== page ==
- Chateau Kamnik Cabernet Sauvignon Ten Barrels 2009
A higher alcohol wine at 14.7 ABV and has vanilla on the nose at first but opens with rubber, cherry juice, and brown sugar. The palate is full of black cherry, pencil lead, spice, and smooth tannins but the body is big and strong. This is big and fruit-forward but not overly bruising.
At this point in the tasting, we could sense the new vintage was becoming bigger and the alcohol level rising.
Stobi Winery Private Reserve Wines
The last masterclass of the salon was by Stobi. This winery is relaunching their top wines under the label Private Reserve. Stobi produces close to 4.5 million liters of wine each year; all are bottled wine. The winery is in central Macedonia, next to the ancient Roman city of Stobi, a well-preserved site. The peacock on the Stobi label is taken from a mosaic found in the ancient city.
We visited the winery and superb restaurant in the Spring of 2016. Anyone who visits Macedonia should eat at the Stobi restaurant! The wines of Stobi are very impressive, especially for such a big-production winery. All of their wines, including the basic one-liter bottles, are of good quality. The top wines are well made and of screaming values. The Vranec Veritas 2011 has received 90 points from Wine Enthusiast and is listed on Wine-Searcher at 17.99 USD.
The problems that plague many Macedonian wines include flavors that are too ripe, over-extraction, and poor oak management. These are not problems at Stobi. Balance is displayed in these Stobi Private Reserve wines—a rarity in a country where wines routinely reach 15-17% ABV. There are no blockbusters in the Stobi portfolio (yet) but all of their wines are very good at fair prices.
EXOTIC WINE TRAVEL’S PICKS
- Stobi Acacia 2013
Made from 100% Chardonnay. This wine is aged for eight months in Acacia and French oak. It has a nice dandelion color and the nose is very pleasant with yellow flower, pear, melon, and crushed white flowers. The palate is similar to the nose with a touch of pineapple. This is crisp and delicious for a wine aged in wood. Easy to understand and satisfying.
- Stobi Axios 2013
Made of 100% Merlot. The wine is aged 18 months in oak and is full of chocolate, pencil lead, and plum. The palate adds flavors of earth, pepper, capsicum, and slate. It tastes a lot like a lean, right bank Bordeaux. A well made and easy to drink wine.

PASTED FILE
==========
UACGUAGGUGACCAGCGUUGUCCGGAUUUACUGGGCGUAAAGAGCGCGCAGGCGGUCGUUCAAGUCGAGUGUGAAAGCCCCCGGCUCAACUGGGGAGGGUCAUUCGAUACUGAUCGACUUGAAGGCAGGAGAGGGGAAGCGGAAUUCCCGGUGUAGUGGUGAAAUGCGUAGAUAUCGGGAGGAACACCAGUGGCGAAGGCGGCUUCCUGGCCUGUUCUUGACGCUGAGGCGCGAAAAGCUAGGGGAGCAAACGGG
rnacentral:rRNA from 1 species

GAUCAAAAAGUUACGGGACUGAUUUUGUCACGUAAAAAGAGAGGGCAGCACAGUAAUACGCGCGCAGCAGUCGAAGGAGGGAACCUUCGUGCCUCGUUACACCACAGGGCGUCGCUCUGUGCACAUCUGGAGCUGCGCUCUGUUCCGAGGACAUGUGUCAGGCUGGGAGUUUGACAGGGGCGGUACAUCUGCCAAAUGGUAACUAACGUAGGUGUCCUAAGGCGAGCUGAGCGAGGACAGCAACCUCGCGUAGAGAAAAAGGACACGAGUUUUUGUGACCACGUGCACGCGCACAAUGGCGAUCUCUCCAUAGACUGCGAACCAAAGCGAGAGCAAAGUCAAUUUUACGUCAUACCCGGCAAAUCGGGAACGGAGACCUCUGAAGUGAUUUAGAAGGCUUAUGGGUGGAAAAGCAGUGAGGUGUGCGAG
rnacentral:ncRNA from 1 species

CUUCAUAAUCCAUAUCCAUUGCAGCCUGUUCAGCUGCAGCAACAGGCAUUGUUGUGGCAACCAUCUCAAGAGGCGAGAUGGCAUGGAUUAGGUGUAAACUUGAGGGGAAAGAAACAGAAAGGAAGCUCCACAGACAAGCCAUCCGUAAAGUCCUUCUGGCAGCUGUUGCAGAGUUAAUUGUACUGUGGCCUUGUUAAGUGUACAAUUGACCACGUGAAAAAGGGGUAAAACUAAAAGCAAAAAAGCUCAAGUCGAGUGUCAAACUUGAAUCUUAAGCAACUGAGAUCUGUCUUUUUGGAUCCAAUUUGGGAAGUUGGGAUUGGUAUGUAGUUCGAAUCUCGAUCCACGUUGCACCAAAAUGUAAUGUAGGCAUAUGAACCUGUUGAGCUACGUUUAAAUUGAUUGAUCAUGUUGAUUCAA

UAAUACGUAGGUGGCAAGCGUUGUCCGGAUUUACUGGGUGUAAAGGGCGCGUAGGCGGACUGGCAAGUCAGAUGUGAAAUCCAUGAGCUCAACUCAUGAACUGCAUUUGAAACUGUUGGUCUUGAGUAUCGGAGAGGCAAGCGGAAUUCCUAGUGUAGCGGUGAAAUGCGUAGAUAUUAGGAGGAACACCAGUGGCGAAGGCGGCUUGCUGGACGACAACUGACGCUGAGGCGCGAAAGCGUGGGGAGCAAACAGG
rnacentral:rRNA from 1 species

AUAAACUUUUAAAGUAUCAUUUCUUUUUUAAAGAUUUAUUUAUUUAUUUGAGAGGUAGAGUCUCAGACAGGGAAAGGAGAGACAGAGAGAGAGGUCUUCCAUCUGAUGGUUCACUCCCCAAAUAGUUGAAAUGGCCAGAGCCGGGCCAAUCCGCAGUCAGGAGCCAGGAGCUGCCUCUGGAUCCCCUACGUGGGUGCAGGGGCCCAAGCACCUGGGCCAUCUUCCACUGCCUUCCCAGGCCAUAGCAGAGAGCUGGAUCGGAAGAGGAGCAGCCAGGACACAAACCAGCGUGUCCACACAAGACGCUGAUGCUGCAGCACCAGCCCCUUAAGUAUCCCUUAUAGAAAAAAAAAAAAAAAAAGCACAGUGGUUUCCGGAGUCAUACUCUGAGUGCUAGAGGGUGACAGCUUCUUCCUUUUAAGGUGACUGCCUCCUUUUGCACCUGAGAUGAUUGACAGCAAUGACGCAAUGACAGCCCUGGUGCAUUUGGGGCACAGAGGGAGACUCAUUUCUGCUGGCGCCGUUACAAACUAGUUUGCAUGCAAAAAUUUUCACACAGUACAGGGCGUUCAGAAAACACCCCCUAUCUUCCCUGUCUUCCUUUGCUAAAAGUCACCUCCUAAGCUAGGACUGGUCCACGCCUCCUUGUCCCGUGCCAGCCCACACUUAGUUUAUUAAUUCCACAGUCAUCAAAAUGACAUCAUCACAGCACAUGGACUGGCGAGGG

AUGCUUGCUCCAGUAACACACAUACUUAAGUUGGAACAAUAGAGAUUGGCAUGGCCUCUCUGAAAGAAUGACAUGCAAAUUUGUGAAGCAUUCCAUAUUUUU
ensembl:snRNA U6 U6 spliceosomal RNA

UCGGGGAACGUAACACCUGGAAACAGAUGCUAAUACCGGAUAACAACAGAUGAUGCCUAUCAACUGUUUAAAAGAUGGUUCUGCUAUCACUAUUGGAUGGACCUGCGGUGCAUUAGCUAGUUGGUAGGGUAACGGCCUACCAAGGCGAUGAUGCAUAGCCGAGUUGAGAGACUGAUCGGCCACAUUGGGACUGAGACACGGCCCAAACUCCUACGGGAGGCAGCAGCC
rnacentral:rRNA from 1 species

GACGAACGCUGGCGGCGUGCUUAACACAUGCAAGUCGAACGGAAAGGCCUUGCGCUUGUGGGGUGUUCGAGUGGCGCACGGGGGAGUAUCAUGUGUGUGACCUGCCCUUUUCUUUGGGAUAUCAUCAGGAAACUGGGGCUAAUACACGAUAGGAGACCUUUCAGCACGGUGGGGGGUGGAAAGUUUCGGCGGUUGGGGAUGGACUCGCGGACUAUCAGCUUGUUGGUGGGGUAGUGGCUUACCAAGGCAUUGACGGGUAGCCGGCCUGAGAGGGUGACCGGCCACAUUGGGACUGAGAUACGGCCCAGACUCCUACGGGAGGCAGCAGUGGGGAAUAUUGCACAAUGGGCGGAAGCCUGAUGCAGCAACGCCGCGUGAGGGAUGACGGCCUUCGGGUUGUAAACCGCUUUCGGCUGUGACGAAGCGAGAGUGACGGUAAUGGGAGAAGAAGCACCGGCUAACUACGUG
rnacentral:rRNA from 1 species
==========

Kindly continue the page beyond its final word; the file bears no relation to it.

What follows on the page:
- Stobi Aminta 2013
A blend of 34% Vranec, 33% Merlot, and 33% Cabernet Sauvignon. This spends 24 months in oak and has a nose full of chalk, red fruit, chocolate, and herbs. The palate is tangy with red and black fruit, blueberry, mineral, and a nice mid-palate spike. The wine is delicious, unique, yet strangely familiar.
Thanks to Vinodonia Skopje Wine Salon
We would like to extend a special thank you to Ivana Simjanovska and the team at Vinodonia. They provided us passes to the event and workshops. It was a fun event and we hope to make it to another one in the coming years.
We interviewed Ivana Simjanovska about Macedonian wine on our website in a previous article. You can learn more about Vinodonia on their website. We’ve also written an in-depth piece about the wines of Chateau Kamnik.
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You May Also Enjoy:
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Disclosure: We were given complimentary passes to the Vinodonia Skopje Wine Salon. However, the ideas expressed in this article are personal opinions and not associated with any other sponsors or business promotions.
3 thoughts on “Vinodonia Skopje Wine Salon Impressions”
Very interesting to know about the valcan grape. Hope to see more wine tasting apart from vertical.
Hope to see more about the wineries in balcan area.
Thanks Wendy, we cover the area extensively. You can click on the categories tab and see articles one wines from all over the Ex-Yugoslavia region.